17.2e Legislative: Upper Houses of Government Flashcards Preview

XVII Politics Comparing Democracies > 17.2e Legislative: Upper Houses of Government > Flashcards

Flashcards in 17.2e Legislative: Upper Houses of Government Deck (5)
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1

Strengths of the Senate

The Senate has strong scrutiny powers over the other branches of government.

The Senate has the power to confirm appointments to the executive and judiciary by a majority vote.

The Senate has the power to try impeachment cases of members of the executive.

The Senate has the power to ratify treaties which have been formed and negotiated by the president.

The Senate is more prestigious than the House, with Senators serving longer six-year terms in office and representing the whole state.

2

Strengths of the House of Lords

The House of Lords is strong at investigating and debating important policy issues.

Members of the House of Lords are experts in different policy areas and highly experienced.

Legislative debate in the House of Lords is detailed and of a high quality.

The House of Lords represents people in society who are less well represented in public life including people from different professional backgrounds and of different political views.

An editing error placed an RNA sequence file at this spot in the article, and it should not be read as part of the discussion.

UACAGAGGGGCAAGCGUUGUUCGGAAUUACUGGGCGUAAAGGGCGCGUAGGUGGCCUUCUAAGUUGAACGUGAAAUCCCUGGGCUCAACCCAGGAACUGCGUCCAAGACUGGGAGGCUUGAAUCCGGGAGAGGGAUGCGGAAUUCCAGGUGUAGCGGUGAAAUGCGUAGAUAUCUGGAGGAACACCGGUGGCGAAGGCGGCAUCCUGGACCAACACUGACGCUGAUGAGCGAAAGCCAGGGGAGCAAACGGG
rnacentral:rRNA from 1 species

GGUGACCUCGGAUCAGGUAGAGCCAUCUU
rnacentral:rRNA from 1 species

3

Weaknesses of the Senate 1

The Senate’s legislative power is limited because it has equal legislation power to the House of Representatives.

Neither chamber can impose its will on the other meaning that they must agree for any legislation to pass.

4

Weaknesses of the Senate 2

The filibuster has been increasingly used in the Senate, which is a tactic of extending debate on legislation to delay a vote from taking place and stop the bill passing.

60 votes are needed to end the filibuster and vote on passing a bill which makes it harder to pass laws.

Direct scrutiny is limited to committees, which the president rarely gives evidence to.

5

Weaknesses of the House of Lords

The House of Lords has weak legislative power.

The Parliament Act 1949 stops the Lords from blocking legislation passing through Parliament. The House of Lords only has the power to delay and propose amendments.

The Salisbury Convention prevents the Lords from opposing policies in the elected government’s manifesto.

The House of Lords is weak in its representative function.

The House of Lords is not elected and so it does not directly represent citizens.